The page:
Edo conflict: Oshiomhole and paradigm shift, by Tamuno West-Greene




Governor Adams Oshomhole

Gov Oshiomhole

In recognizing governors as the chief security officers of their states, the 1999 constitution of the Federal Republic of Nigeria expects that they will use their offices to protect lives and property within their states. In doing this, the governors are –in all cases –expected to rise above political partisanship and ensure that the peace of the state and security of the citizenry, are upheld at all times. This principle is at the centre of governance.

This calls to issue the spate of violence that has been rocking Edo state, with the active connivance of the state governor, Comrade Adams Aliyu Oshiomhole, which has done great harm to that assumption. In recent months, the once-peaceful state has been turned into a theatre of violence and all sorts of political absurdities by one who is vested with the duty of ensuring that peace and democratic ethos prevail. Not only have the governor’s political opponents been hounded and brutalized on trumped-up charges, his party, the All Progressives Congress (APC), continues to desecrate major institutions of state.

Instances in which the office of governor was brought to disrepute by Oshiomhole in furtherance of his ego and parochial interests abound but the division and violence visited on the Edo State House of Assembly take the top price on the list. Sadly so for that hallowed institution of legislative authority in the state. Since last July when the peace of the House was violated by the high-handedness and the victimization of minority members by the APC, it has split into two factions along party lines.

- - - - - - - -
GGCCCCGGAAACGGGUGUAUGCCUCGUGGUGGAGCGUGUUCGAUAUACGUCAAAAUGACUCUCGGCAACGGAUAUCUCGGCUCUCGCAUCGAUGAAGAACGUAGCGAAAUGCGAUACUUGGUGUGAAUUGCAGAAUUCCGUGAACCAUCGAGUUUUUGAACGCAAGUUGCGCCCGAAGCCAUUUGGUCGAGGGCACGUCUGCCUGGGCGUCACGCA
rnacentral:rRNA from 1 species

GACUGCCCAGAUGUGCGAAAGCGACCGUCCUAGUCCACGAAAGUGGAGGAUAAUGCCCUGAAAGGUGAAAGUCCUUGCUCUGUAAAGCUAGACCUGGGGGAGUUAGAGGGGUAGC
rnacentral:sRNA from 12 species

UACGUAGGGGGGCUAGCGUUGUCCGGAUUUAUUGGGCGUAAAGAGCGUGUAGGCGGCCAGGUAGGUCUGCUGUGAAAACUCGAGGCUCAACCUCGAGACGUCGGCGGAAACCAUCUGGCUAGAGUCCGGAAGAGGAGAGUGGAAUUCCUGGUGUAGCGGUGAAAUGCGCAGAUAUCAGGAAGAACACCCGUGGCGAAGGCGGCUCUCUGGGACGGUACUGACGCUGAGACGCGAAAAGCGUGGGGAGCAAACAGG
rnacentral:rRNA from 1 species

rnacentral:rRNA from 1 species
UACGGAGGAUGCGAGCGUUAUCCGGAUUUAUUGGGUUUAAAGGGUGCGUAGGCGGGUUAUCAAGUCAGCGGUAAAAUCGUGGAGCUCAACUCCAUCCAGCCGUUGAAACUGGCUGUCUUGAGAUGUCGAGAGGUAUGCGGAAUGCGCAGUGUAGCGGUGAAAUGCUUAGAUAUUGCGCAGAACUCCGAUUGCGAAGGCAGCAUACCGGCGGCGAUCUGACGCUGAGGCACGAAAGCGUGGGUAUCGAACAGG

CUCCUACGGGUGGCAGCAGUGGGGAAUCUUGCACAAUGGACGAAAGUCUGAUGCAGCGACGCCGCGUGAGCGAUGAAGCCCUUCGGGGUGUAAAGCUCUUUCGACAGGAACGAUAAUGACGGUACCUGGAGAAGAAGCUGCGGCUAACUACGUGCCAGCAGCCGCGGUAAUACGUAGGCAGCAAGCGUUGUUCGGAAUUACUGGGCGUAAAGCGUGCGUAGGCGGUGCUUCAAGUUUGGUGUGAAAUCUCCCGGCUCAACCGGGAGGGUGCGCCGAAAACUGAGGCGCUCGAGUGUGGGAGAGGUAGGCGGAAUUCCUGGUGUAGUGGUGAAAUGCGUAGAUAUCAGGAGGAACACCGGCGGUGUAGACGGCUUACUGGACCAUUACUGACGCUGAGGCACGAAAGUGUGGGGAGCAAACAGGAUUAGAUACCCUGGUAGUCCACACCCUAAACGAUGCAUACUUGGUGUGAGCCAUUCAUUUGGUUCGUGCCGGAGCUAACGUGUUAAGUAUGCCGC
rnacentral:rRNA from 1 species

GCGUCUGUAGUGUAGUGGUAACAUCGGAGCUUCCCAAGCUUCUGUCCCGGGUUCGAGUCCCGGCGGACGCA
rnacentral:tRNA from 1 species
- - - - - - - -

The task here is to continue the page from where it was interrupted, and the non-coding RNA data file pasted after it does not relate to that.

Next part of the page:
Till today both factions conduct plenary and other legislative duties separately. Rather than seeking a solution to the Assembly crisis which started June 9 following the unjust (yes, unjust, do not be deceived by the court orders believed to have been induced by the executive) suspension of four lawmakers, the governor appears to enjoy –and continues to encourage –the absurdity in which two ‘Houses’ hold plenary in two different locations.